There are some misconceptions about the law that I have seen over and over. I get it — the law does not always behave the way common sense would dictate.
Regardless of whether the law makes sense to us, we are all required to abide by it. And in my business, where we help families navigate life and the legal process after the death, disability, or aging of a loved one, there are often planning opportunities to avoid an unexpected result.
In order to plan around the law, you have to know what the law prescribes. So, I present to you the top four myths about what happens (legally) when a Georgia resident dies.
1. No will? Your spouse gets everything anyway.
You and your spouse are a team. What’s yours is mine, and what’s mine is yours, right?
Wrong. Georgia law provides that if you pass away without a will and you are survived by your spouse and your children, your spouse and your children split your worldly possessions, with your spouse receiving no less than 1/3 of your assets. This is true whether your children are adults or minors.
I know – you’d want your spouse to take care of your minor children (and the kids’ money), if something happened to you. And that is what will happen, but it is a lot more complicated than you likely realize. For example, your spouse would have to make a budget for your children’s needs and present that budget to the Probate Court before he or she could spend the children’s share of the money for their needs. Yes, even if your spouse is the biological parent of your minor children. Yes, I understand that is probably not what you would want, if you could pick.
The good news? You can pick what happens to your assets and, more importantly, your kids – by creating a will with the help of an attorney who specializes in the area. (P.S. I’d personally be honored to help.)
2. Have a will? Great! No need to go to the Probate Court.
Ok, don’t stop reading on me now. Now that you know that Georgia law does not provide that your spouse inherits everything when you pass away, you have added, “Call Mandy Moyer about getting a will done,” to your to-do list. So, when you’re no longer with us, your family will be set. Just pull the will out of the binder, read it, and follow your instructions from the great beyond, right?
Wrong. This is a major misconception, and I’m making it part of my mission in 2020 to spread the word. Having a will does not mean your family gets to avoid the Probate Court and the legal process that we call “probate.” In fact, your will is not legally effective, and your nominated executor or personal representative (the guy or gal in charge according to your will) does not have authority to act on your behalf until (1) you pass away, (2) your will is formally presented to the Probate Court, and (3) the Probate Court accepts your will and declares it to be your true and valid last will and testament.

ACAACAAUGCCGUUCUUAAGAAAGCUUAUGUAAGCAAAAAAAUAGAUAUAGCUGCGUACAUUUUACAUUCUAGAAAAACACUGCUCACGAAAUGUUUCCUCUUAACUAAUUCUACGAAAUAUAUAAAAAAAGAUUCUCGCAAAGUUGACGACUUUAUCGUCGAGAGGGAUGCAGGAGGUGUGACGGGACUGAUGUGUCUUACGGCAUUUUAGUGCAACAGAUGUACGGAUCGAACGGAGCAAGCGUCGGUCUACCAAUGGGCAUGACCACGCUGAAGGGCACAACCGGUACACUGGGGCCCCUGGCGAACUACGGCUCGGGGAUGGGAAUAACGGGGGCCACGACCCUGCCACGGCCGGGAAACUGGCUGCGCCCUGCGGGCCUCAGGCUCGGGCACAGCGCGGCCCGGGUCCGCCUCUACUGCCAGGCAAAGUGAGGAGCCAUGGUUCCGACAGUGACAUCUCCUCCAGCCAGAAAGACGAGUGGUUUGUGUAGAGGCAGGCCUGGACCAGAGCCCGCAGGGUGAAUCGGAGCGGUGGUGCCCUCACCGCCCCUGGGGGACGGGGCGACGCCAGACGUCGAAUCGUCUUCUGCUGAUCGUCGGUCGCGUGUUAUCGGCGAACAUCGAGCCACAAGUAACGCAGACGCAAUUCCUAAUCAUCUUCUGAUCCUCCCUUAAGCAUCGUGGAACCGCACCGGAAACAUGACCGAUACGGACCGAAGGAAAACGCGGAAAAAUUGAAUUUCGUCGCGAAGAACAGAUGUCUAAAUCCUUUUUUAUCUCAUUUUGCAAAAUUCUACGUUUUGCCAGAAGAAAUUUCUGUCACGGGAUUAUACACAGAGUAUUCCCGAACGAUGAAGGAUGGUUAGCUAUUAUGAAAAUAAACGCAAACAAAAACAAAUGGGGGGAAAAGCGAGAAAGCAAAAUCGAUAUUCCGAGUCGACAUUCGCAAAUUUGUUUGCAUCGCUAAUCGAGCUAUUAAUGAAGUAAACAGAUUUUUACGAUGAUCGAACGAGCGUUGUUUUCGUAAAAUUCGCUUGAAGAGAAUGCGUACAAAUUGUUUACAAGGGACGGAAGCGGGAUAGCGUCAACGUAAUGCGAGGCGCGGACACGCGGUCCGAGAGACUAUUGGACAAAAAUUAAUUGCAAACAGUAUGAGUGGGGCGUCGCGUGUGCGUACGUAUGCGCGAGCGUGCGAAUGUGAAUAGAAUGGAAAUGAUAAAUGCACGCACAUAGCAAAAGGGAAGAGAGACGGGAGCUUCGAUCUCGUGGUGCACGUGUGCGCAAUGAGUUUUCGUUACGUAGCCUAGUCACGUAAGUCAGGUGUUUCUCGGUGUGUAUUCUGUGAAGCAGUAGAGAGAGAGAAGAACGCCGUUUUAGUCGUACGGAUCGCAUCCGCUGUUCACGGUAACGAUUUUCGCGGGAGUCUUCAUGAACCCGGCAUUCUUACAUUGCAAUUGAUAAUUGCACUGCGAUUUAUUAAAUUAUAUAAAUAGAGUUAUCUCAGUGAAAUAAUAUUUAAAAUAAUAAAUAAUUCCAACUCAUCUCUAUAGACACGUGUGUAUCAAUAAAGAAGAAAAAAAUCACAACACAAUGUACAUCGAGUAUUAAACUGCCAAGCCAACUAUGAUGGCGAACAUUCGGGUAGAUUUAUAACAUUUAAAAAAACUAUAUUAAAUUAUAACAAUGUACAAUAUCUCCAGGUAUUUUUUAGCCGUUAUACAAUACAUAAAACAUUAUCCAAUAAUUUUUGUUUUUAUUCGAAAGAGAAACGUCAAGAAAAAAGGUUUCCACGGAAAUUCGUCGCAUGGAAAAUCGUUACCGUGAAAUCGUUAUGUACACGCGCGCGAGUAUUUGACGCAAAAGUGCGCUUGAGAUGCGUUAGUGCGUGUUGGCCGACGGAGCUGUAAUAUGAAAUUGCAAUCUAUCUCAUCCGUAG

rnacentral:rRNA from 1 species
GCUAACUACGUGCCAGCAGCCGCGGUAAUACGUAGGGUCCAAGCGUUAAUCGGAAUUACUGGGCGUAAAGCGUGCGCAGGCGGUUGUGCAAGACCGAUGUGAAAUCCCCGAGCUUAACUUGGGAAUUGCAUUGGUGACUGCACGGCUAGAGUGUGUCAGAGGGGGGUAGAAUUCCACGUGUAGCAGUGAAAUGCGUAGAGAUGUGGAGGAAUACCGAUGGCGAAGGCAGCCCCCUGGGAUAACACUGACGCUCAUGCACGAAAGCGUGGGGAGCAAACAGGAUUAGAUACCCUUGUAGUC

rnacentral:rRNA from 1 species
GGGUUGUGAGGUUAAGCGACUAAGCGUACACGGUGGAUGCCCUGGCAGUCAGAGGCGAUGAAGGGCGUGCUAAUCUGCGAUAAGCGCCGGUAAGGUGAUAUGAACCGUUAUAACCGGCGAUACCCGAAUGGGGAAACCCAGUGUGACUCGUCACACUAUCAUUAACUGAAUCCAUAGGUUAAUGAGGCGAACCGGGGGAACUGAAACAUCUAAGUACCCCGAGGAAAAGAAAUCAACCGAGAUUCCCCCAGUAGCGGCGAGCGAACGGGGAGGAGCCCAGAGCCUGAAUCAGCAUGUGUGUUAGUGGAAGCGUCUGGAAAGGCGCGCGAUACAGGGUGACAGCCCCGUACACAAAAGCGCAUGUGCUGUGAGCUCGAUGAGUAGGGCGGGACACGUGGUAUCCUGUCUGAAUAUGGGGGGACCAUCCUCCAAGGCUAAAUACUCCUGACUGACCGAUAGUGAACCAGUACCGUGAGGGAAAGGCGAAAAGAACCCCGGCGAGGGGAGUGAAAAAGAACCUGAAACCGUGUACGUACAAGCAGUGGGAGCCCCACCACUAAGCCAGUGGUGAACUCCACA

Georgia’s probate process is neither incredibly time-consuming nor unduly expensive, so I don’t generally counsel my clients to avoid the probate process just because they can. That said, if there are other considerations like an unruly family member or a need for increased privacy (because the probate process is public record), it is possible to avoid the probate process when you pass away. But you’ll need a well-written, fully-funded trust to do so – not just a will.
3. No will? The state takes everything.
“My loved one passed away and he did not have a will. Is there anything I can do to prevent the state of Georgia from taking everything?”
The good news is Georgia only takes everything in a couple of relatively rare circumstances: (1) No family member exists. Like not even a remote cousin, twice removed. And (2) to repay themselves (or more accurately, Georgia’s Medicaid program) for the cost of nursing home care provided to your loved one during his or her lifetime. (This is the “Medicaid Estate Recovery” program.)
If your loved one died without a will, and wasn’t receiving Medicaid services (which is different than the Medicare program which provides medical insurance to Georgia’s seniors), then it is very unlikely that the state will receive any of his or her assets. Instead, his or her closest family members will be entitled to inherit from him or her.
4. Debts are inherited by the family.
Debts of a deceased family member, unlike assets, are not inherited by the surviving family members. Let’s break that down further. Debts of a deceased loved one must be paid. But only from the deceased person’s assets.
So, if your loved one passes away with little or no assets, then his or her debts are to be paid from whatever assets he or she owned at the time of the death. If there’s not enough in the estate, no family member (not even his or her spouse) is obligated to fulfill those debts from their own pocket. (The exception would be if the spouse was a joint borrower or otherwise obligated to pay the debt by some action that they took agreeing to be financially responsible for the debt.)
As you can see, what you don’t know can hurt you (and your family). It’s important to be proactive about protecting your family from life’s unexpected events, and resolution season is a great time to cross “protect my family by creating a Will” off your To Do List. We’d be happy to help you in the new year.